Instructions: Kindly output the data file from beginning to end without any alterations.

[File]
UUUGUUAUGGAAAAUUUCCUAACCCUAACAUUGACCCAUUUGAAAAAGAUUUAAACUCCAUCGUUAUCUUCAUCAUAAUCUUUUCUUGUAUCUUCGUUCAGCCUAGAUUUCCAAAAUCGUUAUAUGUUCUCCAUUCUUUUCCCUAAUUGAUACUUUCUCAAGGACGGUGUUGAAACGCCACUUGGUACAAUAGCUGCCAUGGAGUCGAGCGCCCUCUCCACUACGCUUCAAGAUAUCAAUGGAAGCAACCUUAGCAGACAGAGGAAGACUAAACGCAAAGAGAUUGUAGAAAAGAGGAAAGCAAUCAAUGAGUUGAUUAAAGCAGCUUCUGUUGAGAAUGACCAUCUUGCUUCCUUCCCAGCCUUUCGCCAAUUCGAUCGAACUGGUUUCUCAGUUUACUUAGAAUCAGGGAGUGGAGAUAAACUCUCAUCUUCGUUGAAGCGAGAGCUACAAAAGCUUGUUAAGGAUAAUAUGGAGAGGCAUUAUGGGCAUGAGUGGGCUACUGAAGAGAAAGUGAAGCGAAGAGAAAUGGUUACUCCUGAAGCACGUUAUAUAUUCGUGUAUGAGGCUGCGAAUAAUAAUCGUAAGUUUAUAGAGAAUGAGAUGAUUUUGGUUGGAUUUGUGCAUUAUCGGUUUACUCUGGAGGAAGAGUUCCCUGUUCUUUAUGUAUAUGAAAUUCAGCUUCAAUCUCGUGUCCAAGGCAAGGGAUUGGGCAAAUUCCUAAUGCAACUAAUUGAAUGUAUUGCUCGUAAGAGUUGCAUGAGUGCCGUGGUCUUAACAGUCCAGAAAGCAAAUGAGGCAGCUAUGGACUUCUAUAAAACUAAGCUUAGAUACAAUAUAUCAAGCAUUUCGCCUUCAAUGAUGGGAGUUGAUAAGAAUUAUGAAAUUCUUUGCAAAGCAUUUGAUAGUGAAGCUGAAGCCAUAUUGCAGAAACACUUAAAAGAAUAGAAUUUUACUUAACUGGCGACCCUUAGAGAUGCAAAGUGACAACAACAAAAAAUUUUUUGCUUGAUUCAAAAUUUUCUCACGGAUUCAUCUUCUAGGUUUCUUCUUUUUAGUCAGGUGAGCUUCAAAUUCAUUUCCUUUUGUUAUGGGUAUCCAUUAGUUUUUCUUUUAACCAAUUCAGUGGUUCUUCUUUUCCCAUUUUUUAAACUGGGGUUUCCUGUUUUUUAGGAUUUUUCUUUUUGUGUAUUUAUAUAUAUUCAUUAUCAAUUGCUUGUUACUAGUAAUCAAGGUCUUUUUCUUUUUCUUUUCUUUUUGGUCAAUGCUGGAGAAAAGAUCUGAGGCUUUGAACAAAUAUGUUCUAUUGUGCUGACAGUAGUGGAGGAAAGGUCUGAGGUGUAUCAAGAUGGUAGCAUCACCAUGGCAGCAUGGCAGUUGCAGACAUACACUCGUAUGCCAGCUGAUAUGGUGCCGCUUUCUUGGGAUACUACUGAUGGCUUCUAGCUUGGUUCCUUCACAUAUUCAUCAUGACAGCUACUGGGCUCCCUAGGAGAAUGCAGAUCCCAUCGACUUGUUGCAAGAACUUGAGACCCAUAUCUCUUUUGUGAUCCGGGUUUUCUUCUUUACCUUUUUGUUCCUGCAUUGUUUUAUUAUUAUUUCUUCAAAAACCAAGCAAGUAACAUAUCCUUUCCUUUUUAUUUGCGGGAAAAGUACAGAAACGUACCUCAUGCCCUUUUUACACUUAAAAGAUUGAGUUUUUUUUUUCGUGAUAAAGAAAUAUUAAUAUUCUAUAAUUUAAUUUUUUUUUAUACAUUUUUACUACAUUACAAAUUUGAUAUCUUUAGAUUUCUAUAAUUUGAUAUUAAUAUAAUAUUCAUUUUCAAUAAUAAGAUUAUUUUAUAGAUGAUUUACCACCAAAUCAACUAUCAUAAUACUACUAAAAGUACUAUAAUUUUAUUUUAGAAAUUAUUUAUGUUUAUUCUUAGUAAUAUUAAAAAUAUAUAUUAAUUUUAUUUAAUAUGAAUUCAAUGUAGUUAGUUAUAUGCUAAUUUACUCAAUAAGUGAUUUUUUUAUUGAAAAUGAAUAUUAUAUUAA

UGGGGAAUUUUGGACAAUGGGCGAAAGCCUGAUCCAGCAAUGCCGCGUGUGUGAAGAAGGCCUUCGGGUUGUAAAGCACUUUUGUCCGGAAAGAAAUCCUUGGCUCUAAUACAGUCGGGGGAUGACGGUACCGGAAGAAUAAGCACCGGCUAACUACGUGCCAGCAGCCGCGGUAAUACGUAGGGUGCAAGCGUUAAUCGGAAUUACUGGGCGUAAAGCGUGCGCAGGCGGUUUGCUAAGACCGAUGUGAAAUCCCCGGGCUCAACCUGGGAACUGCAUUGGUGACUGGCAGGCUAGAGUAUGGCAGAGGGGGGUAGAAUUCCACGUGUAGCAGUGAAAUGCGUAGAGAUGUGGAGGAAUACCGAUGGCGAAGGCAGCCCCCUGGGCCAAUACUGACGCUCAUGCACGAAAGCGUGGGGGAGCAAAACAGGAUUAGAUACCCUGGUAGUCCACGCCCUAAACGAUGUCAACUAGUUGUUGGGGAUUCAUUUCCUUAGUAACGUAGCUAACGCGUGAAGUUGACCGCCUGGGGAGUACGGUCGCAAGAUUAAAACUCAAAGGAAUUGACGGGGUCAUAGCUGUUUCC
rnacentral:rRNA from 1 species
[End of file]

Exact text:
UUUGUUAUGGAAAAUUUCCUAACCCUAACAUUGACCCAUUUGAAAAAGAUUUAAACUCCAUCGUUAUCUUCAUCAUAAUCUUUUCUUGUAUCUUCGUUCAGCCUAGAUUUCCAAAAUCGUUAUAUGUUCUCCAUUCUUUUCCCUAAUUGAUACUUUCUCAAGGACGGUGUUGAAACGCCACUUGGUACAAUAGCUGCCAUGGAGUCGAGCGCCCUCUCCACUACGCUUCAAGAUAUCAAUGGAAGCAACCUUAGCAGACAGAGGAAGACUAAACGCAAAGAGAUUGUAGAAAAGAGGAAAGCAAUCAAUGAGUUGAUUAAAGCAGCUUCUGUUGAGAAUGACCAUCUUGCUUCCUUCCCAGCCUUUCGCCAAUUCGAUCGAACUGGUUUCUCAGUUUACUUAGAAUCAGGGAGUGGAGAUAAACUCUCAUCUUCGUUGAAGCGAGAGCUACAAAAGCUUGUUAAGGAUAAUAUGGAGAGGCAUUAUGGGCAUGAGUGGGCUACUGAAGAGAAAGUGAAGCGAAGAGAAAUGGUUACUCCUGAAGCACGUUAUAUAUUCGUGUAUGAGGCUGCGAAUAAUAAUCGUAAGUUUAUAGAGAAUGAGAUGAUUUUGGUUGGAUUUGUGCAUUAUCGGUUUACUCUGGAGGAAGAGUUCCCUGUUCUUUAUGUAUAUGAAAUUCAGCUUCAAUCUCGUGUCCAAGGCAAGGGAUUGGGCAAAUUCCUAAUGCAACUAAUUGAAUGUAUUGCUCGUAAGAGUUGCAUGAGUGCCGUGGUCUUAACAGUCCAGAAAGCAAAUGAGGCAGCUAUGGACUUCUAUAAAACUAAGCUUAGAUACAAUAUAUCAAGCAUUUCGCCUUCAAUGAUGGGAGUUGAUAAGAAUUAUGAAAUUCUUUGCAAAGCAUUUGAUAGUGAAGCUGAAGCCAUAUUGCAGAAACACUUAAAAGAAUAGAAUUUUACUUAACUGGCGACCCUUAGAGAUGCAAAGUGACAACAACAAAAAAUUUUUUGCUUGAUUCAAAAUUUUCUCACGGAUUCAUCUUCUAGGUUUCUUCUUUUUAGUCAGGUGAGCUUCAAAUUCAUUUCCUUUUGUUAUGGGUAUCCAUUAGUUUUUCUUUUAACCAAUUCAGUGGUUCUUCUUUUCCCAUUUUUUAAACUGGGGUUUCCUGUUUUUUAGGAUUUUUCUUUUUGUGUAUUUAUAUAUAUUCAUUAUCAAUUGCUUGUUACUAGUAAUCAAGGUCUUUUUCUUUUUCUUUUCUUUUUGGUCAAUGCUGGAGAAAAGAUCUGAGGCUUUGAACAAAUAUGUUCUAUUGUGCUGACAGUAGUGGAGGAAAGGUCUGAGGUGUAUCAAGAUGGUAGCAUCACCAUGGCAGCAUGGCAGUUGCAGACAUACACUCGUAUGCCAGCUGAUAUGGUGCCGCUUUCUUGGGAUACUACUGAUGGCUUCUAGCUUGGUUCCUUCACAUAUUCAUCAUGACAGCUACUGGGCUCCCUAGGAGAAUGCAGAUCCCAUCGACUUGUUGCAAGAACUUGAGACCCAUAUCUCUUUUGUGAUCCGGGUUUUCUUCUUUACCUUUUUGUUCCUGCAUUGUUUUAUUAUUAUUUCUUCAAAAACCAAGCAAGUAACAUAUCCUUUCCUUUUUAUUUGCGGGAAAAGUACAGAAACGUACCUCAUGCCCUUUUUACACUUAAAAGAUUGAGUUUUUUUUUUCGUGAUAAAGAAAUAUUAAUAUUCUAUAAUUUAAUUUUUUUUUAUACAUUUUUACUACAUUACAAAUUUGAUAUCUUUAGAUUUCUAUAAUUUGAUAUUAAUAUAAUAUUCAUUUUCAAUAAUAAGAUUAUUUUAUAGAUGAUUUACCACCAAAUCAACUAUCAUAAUACUACUAAAAGUACUAUAAUUUUAUUUUAGAAAUUAUUUAUGUUUAUUCUUAGUAAUAUUAAAAAUAUAUAUUAAUUUUAUUUAAUAUGAAUUCAAUGUAGUUAGUUAUAUGCUAAUUUACUCAAUAAGUGAUUUUUUUAUUGAAAAUGAAUAUUAUAUUAA

UGGGGAAUUUUGGACAAUGGGCGAAAGCCUGAUCCAGCAAUGCCGCGUGUGUGAAGAAGGCCUUCGGGUUGUAAAGCACUUUUGUCCGGAAAGAAAUCCUUGGCUCUAAUACAGUCGGGGGAUGACGGUACCGGAAGAAUAAGCACCGGCUAACUACGUGCCAGCAGCCGCGGUAAUACGUAGGGUGCAAGCGUUAAUCGGAAUUACUGGGCGUAAAGCGUGCGCAGGCGGUUUGCUAAGACCGAUGUGAAAUCCCCGGGCUCAACCUGGGAACUGCAUUGGUGACUGGCAGGCUAGAGUAUGGCAGAGGGGGGUAGAAUUCCACGUGUAGCAGUGAAAUGCGUAGAGAUGUGGAGGAAUACCGAUGGCGAAGGCAGCCCCCUGGGCCAAUACUGACGCUCAUGCACGAAAGCGUGGGGGAGCAAAACAGGAUUAGAUACCCUGGUAGUCCACGCCCUAAACGAUGUCAACUAGUUGUUGGGGAUUCAUUUCCUUAGUAACGUAGCUAACGCGUGAAGUUGACCGCCUGGGGAGUACGGUCGCAAGAUUAAAACUCAAAGGAAUUGACGGGGUCAUAGCUGUUUCC
rnacentral:rRNA from 1 species